By Rob Callaghan
The head of Imagine Me Leadership Charter School on April 5 sent a letter to all faculty and staff informing them that they would be terminated as of June 26, the last day of school, and would have to reapply for jobs.
“I’m really not pleased at the way teachers here have been treated — it is downright disrespectful,” said parent Ronald Lang, who serves on the school’s leadership team. “A lot of the students here have emotional issues. The teachers at the school refuse to give up on them and will not let the students give up on themselves.”
Educators reached out to the UFT in response to the letter and on May 1 they announced their decision to join the union.
“Charter school educators are organizing because they want a collective voice in order to create better schools,” said Anne Goldman, the UFT assistant to the president for charter schools and vice president-elect for non-Department of Education members. “I’m excited to welcome these brave educators into the UFT family.”
The school, an all-boys elementary school in East New York, opened in 2010 and has seen four different administrations since then. When the latest group of administrators took the reins in February, they assured staff that they wouldn’t “clean house” and then promptly sent out pink slips to everyone. Some of the newly posted jobs offered salaries far below the current salary rate and demanded more qualifications.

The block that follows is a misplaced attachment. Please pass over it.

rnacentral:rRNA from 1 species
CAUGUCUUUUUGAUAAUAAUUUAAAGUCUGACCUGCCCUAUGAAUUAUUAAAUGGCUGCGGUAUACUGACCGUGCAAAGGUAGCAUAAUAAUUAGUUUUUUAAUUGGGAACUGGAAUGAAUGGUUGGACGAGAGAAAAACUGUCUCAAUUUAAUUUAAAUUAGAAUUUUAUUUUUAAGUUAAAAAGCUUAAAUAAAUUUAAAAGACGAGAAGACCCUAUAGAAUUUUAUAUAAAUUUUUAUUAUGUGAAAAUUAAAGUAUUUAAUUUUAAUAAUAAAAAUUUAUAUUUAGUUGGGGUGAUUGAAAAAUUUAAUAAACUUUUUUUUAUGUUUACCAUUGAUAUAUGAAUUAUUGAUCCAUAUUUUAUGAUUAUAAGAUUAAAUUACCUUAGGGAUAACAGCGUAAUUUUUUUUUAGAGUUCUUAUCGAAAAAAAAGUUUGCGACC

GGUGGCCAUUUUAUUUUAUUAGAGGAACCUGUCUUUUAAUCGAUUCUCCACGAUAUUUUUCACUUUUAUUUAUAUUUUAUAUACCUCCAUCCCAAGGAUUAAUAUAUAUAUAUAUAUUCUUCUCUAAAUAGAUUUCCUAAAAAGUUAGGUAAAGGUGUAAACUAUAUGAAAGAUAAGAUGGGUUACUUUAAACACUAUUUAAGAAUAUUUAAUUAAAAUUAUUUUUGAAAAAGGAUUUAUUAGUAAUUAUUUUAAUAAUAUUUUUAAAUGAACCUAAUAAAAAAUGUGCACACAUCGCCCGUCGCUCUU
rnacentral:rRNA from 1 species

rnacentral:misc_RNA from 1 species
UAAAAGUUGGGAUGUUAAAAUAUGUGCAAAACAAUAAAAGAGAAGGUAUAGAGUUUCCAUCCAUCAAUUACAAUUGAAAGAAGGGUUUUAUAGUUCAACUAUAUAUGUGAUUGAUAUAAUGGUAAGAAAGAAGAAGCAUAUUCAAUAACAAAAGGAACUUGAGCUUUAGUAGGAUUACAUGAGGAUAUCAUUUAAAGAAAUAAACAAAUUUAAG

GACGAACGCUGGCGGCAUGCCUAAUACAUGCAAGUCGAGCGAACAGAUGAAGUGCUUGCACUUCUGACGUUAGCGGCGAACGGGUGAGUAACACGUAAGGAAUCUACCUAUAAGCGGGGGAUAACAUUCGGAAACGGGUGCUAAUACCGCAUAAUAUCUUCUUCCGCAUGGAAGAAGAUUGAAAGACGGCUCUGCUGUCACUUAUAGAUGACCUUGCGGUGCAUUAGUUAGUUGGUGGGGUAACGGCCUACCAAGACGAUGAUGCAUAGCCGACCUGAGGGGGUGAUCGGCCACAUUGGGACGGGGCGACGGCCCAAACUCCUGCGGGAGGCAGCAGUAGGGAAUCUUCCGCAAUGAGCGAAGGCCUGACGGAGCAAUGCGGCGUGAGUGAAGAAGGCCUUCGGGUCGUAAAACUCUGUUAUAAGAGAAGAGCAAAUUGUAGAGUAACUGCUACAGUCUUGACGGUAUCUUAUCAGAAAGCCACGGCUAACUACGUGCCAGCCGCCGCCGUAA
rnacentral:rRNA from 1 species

Elisa Brothers, another parent at Imagine Me, said the high turnover in school leadership and the recent termination notices have been rough on the students.
“The letter of termination to the teachers was sent at the wrong time and done in the wrong manner,” she said. “My son has been here since the school opened its doors, and I have seen multiple principals come and go. These are young, impressionable boys who are being passed from one administration to another.”
Like parents, staff at Imagine Me realize the importance of consistency for their students. As special education teacher and intervention team coordinator Edward Matthews noted, “I believe we owe our children a sense of stability that their teachers, whom they trust, will be there for years to come.”
School counselor and student support team coordinator Kiana Muschett said that she and her colleagues also believed the move to join a union would ensure a quality education for their students.
“I want to feel secure that all decisions are made in the best interest of my students to guarantee their success socially, emotionally and academically,” she said.
The UFT has asked the school’s board of trustees to voluntarily recognize the teachers union. In addition, the union notified the state Public Employment Relations Board that Imagine Me teachers are seeking union recognition.
The school employs about 26 educators in grades K–3 and plans to expand up to grade 5 by the 2014-2015 school year.
Originally published in the May 16, 2013 New York Teacher